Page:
People across the state and country are exposed to PFAS chemicals in consumer products, food and food packaging, and drinking water. Exposure to PFAS is linked to cancer and other illnesses. Urge your Maryland legislators to pass the PFAS Protection Act (SB195/HB22) introduced by Sen. Sarah Elfreth & Del. Sara Love.
Maryland, like many states, does not require testing for PFAS in drinking water, but independent testing has uncovered contamination in drinking water, seafood, and our waterways. Recent research found high levels of PFAS chemicals in striped bass, blue crab and oyster from the Chesapeake Bay, as well as in drinking water. 
Marylanders are also exposed to PFAS in consumer products in our homes and in food and food packaging. Your state legislators are considering the PFAS Protection Act this week, so they need to hear from you.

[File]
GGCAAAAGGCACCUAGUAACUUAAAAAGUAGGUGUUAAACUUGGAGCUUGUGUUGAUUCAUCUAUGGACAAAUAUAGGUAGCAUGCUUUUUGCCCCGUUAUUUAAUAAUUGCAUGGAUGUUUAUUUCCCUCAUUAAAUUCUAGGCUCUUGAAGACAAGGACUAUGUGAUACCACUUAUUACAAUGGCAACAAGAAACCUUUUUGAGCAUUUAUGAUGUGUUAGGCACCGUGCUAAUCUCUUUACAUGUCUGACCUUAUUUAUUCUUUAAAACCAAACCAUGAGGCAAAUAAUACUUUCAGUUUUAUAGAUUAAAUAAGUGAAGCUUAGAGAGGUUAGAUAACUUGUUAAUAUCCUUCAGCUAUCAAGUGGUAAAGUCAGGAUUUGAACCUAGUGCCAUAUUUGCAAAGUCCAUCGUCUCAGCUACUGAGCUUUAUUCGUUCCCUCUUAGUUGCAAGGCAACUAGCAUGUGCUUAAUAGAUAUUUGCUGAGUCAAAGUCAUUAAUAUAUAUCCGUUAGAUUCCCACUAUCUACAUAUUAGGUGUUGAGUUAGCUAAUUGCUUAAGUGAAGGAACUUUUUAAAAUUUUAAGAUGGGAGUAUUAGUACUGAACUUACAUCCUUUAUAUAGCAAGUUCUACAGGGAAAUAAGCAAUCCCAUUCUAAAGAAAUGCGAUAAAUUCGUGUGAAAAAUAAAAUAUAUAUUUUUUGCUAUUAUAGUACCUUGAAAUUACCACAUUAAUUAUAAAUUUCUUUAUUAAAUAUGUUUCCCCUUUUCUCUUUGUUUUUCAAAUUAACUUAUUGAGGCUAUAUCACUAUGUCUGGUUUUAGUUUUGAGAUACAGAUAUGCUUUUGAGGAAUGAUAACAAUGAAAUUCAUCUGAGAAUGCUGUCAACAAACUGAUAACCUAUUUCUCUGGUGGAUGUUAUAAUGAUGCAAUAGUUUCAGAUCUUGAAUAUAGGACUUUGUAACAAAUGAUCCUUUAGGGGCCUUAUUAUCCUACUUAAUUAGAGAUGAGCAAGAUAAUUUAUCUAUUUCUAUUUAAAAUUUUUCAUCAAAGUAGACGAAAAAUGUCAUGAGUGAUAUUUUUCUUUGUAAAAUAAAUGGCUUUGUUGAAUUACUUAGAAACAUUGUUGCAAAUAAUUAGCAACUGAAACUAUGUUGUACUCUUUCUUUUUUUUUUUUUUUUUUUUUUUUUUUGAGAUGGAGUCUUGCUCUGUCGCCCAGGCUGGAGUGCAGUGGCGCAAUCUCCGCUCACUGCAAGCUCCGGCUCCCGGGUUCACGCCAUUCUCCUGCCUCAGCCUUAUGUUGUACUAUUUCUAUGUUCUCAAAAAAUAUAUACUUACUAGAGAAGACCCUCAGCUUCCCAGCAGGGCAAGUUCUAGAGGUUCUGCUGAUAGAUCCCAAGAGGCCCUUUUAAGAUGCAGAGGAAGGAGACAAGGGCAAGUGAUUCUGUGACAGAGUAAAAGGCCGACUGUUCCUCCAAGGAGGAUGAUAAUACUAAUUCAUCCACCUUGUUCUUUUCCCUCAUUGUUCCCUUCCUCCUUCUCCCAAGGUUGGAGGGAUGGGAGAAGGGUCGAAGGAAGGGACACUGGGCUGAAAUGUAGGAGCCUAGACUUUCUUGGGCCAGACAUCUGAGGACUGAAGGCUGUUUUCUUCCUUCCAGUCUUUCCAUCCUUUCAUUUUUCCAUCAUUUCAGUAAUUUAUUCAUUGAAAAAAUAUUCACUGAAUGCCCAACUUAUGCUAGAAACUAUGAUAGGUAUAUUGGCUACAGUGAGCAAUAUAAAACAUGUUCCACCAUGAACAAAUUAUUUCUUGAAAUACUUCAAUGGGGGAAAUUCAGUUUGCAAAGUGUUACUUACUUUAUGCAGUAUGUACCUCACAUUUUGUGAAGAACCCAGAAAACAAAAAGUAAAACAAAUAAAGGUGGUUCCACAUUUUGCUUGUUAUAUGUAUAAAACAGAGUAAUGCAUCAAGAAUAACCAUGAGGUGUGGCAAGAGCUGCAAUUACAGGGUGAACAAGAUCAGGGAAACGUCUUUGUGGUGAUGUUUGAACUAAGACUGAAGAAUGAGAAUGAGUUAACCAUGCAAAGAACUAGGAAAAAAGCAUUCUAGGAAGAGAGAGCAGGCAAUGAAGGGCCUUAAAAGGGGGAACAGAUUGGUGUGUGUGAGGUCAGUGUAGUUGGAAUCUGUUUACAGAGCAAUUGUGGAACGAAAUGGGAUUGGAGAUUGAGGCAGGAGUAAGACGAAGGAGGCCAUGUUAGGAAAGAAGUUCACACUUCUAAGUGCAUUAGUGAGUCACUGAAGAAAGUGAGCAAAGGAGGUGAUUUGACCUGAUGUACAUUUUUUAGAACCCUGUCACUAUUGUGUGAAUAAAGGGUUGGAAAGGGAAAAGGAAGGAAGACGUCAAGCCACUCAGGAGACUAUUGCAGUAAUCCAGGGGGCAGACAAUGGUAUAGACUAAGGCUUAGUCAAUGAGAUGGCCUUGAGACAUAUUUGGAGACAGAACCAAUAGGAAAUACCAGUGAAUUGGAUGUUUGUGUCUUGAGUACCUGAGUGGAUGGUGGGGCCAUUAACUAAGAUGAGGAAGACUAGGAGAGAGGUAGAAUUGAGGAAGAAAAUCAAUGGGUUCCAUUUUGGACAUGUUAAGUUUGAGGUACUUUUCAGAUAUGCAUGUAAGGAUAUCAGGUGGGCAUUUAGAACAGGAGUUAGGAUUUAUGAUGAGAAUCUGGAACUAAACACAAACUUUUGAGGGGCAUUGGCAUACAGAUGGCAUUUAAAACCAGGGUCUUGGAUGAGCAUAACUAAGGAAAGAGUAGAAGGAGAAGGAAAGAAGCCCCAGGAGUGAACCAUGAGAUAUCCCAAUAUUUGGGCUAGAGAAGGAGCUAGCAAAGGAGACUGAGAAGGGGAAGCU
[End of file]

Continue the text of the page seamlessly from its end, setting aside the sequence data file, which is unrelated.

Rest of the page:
PFAS chemicals don’t break down in the environment, earning them the nickname “forever chemicals.” They also build up in our bodies over time — a dangerous combination.
Firefighting foam is a major source of PFAS contamination, but safer PFAS-free foams already exist and have been adopted in other states.
It’s time for Maryland to switch to safer alternatives in fire fighting foam and to stop the use of PFAS chemicals in food packaging, rugs and carpets. We should also restrict the mass disposal of these chemicals to ensure our air and drinking water are protected from PFAS incineration and landfilling.
In an age of remarkable technological progress, we should be able to make household products without putting our drinking water and health at risk.‘Forever chemicals’ found in Chesapeake seafood and Maryland drinking water, Chesapeake Bay Journal, Nov. 17, 2020.
 PFAS in Antietam Creek Study, Upper Potomac Riverkeeper, June 2020
 More PFAS Found in Maryland Water and Seafood, PEER, Nov. 16, 2020.
P.S. RSVP for Feb 18 panel discussion: Local Efforts to Research & Stop PFAS, the Forever Chemicals.